David Forbes’ Aug. 7 article, “The American Dream,” was interesting, but held no surprise for me. I have lived in three regions of the U.S., the last 25 years being in the Southeast — Atlanta for the majority of it and Asheville more recently. With that as background, I'd like to add something that wasn't covered in the article, because I don't think the researchers would be aware of it. You'd have to live here for a while to understand it, I think.
My view is that a substantial reason that the Southeast ranks poorly in income upward mobility has much to do with culture. It is a culture of the status quo, of people doing the same things, often the same way as their parents did. I remember staring, astonished, at the television a couple of years ago while a commercial of a regional mayonnaise brand provided this as the reasoning for buying their product — that the mother and grandmother of the cook speaking in the ad had used it. Nothing about taste, quality of ingredients, price or anything to appeal to the critical thinking or individual appeal of the audience.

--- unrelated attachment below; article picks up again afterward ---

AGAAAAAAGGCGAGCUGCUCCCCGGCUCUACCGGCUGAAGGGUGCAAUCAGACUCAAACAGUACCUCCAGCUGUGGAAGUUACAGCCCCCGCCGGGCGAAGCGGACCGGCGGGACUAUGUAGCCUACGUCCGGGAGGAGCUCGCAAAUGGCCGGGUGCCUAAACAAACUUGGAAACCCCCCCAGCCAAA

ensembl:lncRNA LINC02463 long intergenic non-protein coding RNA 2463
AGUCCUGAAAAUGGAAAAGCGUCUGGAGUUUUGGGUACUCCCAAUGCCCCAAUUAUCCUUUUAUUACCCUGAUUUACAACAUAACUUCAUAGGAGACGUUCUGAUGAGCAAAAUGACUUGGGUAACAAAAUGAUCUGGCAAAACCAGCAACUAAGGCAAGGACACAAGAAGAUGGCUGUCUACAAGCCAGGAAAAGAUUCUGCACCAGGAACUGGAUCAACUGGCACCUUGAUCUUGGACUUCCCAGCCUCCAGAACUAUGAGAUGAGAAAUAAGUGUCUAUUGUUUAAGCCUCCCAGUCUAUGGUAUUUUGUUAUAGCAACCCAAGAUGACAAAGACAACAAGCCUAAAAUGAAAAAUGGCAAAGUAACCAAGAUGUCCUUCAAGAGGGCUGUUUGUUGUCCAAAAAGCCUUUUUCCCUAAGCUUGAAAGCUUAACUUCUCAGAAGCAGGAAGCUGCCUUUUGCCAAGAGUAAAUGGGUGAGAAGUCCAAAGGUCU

The means of improving one’s economic prospects rests in the practice of independent thinking, questioning status quo, discussion, listening openly and deciding to create useful change or innovate new products/services. This can occur at any level of employment. The manager of a fast-food restaurant achieved that upward position by looking beyond purely how to cook a good burger.
The good news is that being open-minded, inquisitive and forward-thinking is a choice. Anyone can make it and anyone can learn to do it. Like many things, it just takes willingness and practice.
I also believe it is not random that Asheville ranked the highest of North Carolina cities. It has become a melting pot of people from all over the USA and that has opened the culture and the thinking, which has spawned all kinds of upwardly mobile creativity.
— Anna Barnes